JG: There are basically three parts to the show. There is an opening with the wonderful Vivace Children's Choir, a young person will give Linus' speech, and we're going to talk about the story. Then we're going to do the music. Charles Schultz's foundation was kind enough to give us three video clips which we will use. It will close with the kids and maybe even some group dancing. I don't know... it will be the prototype.
JE: Why did you choose to work with Chris Gestrin and Simon Fisk?
JG: Chris Gestrin and Simon Fisk both love this music. They grew up with this music. I chose them to play it because I want the music to play back to them.
JE: What was Vince Guaraldi like?
JG: I was 24 years old when I joined the Vince Guaraldi Trio. It was like really a good steady jazz gig. Vince was a task master─ he was tough to work for but he made a professional jazz musician out of me. Which meant every night at 9 o'clock you were playing. He didn't care if you were dying, you played. And he taught me that for two years until the trio broke up. Vince believed in himself against all odds. Cast Your Fate to the Wind was a hit because he threw a fit to get it out of the sink. Same thing as Charlie Brown.
JE: How did you get into music? Did you grow up in a house with music?
JG: I grew up in a house with drummers and in Italian culture very similar to Cape Breton, Nova Scotia, culture. We would make any excuse for a kitchen party─ any excuse to roll back the rugs, bring out the accordions, dance, sing, eat food and have 'er great time.
JE: Where did you grow up?
JG: San Francisco, which was an amazing time during that period. In the 40s and 50s there was a lot of great jazz coming out of San Francisco. It had a very busy after hours scene in the African music communities and all over town. My dad loved Dixieland music, and my uncle loved Duke Ellington and Count Basie and Louis Jordan. So I got to grow up on rhythm, blues and Italian.
JE: When did you know you wanted to pursue music?
JG: I always wanted to be a drummer. I loved the drums. I studied violin when I was four, and I remember I could read music before I could read words. At around four or five my dad had his own drum kit so I probably didn't get my own drum kit until I was seven or eight.
JE: What brought you to Halifax?
JG: It was my Buddhist teacher Chogyam Trungpa, my young daughter Anna, and I didn't want to live in the United States. Halifax just felt right, it felt like home. Russell who ran the Musicstop got me a job so I could get landed, and good friends like Donnie Palmer, Skip Beckwood and Susan Hunter also made it possible. The job as a professor at the Jazz Institute of Berlin also helped.
JE: It seems like you collaborate with a lot of emerging musicians.
JG: I guess I do. Music is probably one of the most social forms of the arts. Somehow it feels even more social than theatre or dance. I don't know why but it feels that way to me. I think a lot of musicians end up being musicians because of the social quality, the band quality─ there ain't nothing like being in a band. Being in a great band is like family on a very deep level. It's a group of people you climb on the stage with and get naked with every night.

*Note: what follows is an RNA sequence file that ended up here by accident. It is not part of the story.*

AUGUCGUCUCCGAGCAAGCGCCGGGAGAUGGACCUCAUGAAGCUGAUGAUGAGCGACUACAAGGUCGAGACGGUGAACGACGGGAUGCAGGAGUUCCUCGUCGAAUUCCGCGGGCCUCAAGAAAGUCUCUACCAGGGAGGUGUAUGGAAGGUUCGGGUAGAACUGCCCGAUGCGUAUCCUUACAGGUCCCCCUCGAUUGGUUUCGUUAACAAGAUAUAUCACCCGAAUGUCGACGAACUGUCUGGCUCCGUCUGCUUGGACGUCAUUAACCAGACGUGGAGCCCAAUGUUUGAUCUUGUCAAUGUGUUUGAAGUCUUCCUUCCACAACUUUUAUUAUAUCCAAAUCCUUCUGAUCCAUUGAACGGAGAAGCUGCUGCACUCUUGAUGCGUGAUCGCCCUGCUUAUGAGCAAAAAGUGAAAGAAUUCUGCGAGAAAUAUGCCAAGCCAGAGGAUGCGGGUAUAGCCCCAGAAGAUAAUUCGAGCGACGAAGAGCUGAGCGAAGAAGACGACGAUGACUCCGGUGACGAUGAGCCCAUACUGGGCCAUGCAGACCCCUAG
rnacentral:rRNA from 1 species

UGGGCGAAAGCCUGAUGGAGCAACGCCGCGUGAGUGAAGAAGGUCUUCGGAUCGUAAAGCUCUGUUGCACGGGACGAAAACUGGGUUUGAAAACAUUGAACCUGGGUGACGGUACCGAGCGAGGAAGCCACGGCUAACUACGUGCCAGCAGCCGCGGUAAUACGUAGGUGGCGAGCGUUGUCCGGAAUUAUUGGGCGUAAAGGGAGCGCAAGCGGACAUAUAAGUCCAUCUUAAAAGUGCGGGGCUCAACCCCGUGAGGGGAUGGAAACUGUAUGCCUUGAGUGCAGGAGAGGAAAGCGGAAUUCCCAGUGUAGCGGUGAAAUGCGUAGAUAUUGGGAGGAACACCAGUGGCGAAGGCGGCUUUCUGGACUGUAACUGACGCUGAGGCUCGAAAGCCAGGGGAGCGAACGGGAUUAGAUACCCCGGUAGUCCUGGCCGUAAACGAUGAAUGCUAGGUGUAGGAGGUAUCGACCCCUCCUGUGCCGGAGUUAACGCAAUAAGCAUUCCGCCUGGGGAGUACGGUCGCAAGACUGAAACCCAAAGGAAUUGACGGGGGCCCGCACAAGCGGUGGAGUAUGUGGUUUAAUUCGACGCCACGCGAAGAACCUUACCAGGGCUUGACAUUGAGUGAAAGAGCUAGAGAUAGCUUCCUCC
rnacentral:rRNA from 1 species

I have been taught by my teachers that your students should surpass you, not that they are always below you. I love it when one of my students makes a record. The highest compliment I can give them is, "I wish I had made that, not you."
There is a point when you're working with them and then you want to play with them. A whole other relationship develops. It flips around where they challenge you and provide opportunities of discomfort for you. There's a vitality to it that's really fun. Playing with Tim Crofts and Andrew MacKelvie is a situation that's growing into a real collaboration. It starts out with me being "Argh!" and then that changes. That's what you want to have, that's how the music moves forward.
I hope through JazzEast and CMW young people are nurtured. It's great to go away for a while, but come home. My job is to provide something to do for when they come home, and if it takes putting together a band we'll make one.
JE: What are you listing to these days?
JG: I listened to a lot of alternative music and now I am not. I have been listening to Carmen McRae and the great drummer Joey Baron. Joey's been here with Bill Frisell. Bill worked with Carmen, and I worked with Carmen a long time ago. We'd send each other YouTube stuff. "Check this out," I'd say to him, and he's like, "Check this out." The other night I was up listening to the singers ─ to a bunch of Nina Simone on YouTube which made me cry, and Carmen. I love Charles Spearin, and I love Feist. I was riding around with a Joel Plaskett album but the truth is the the CD player is broken in my car and that's where I listen to the most music.
JE: What are you working on currently?
JG: I just did a new duo record with a great pianist Jamie Saft from New York which will be out December 15. It's really pretty. I met Jamie though my son. He was part of that whole group of young people in New York, the new Lower East Side guys. Several of them I taught and I go back to play with them and Badlands, this band I had for a while.
JE: How often do you go to New York?
JG: Once or twice a year. My grandkids are down there so I go as much as possible. You can't work in New York any more. There's no real work, everything is a door gig. Those days are over. Those days are over everywhere. You got to find a village you can work in, a place you can be. Halifax is good as anywhere else. At 1313 we have a series that runs in the winter and we get 30, 40 or 50 people out for a concert of weird music. You might not get that in New York.
Halifax feels like home. It is home. In the winter I dread it, but it is home.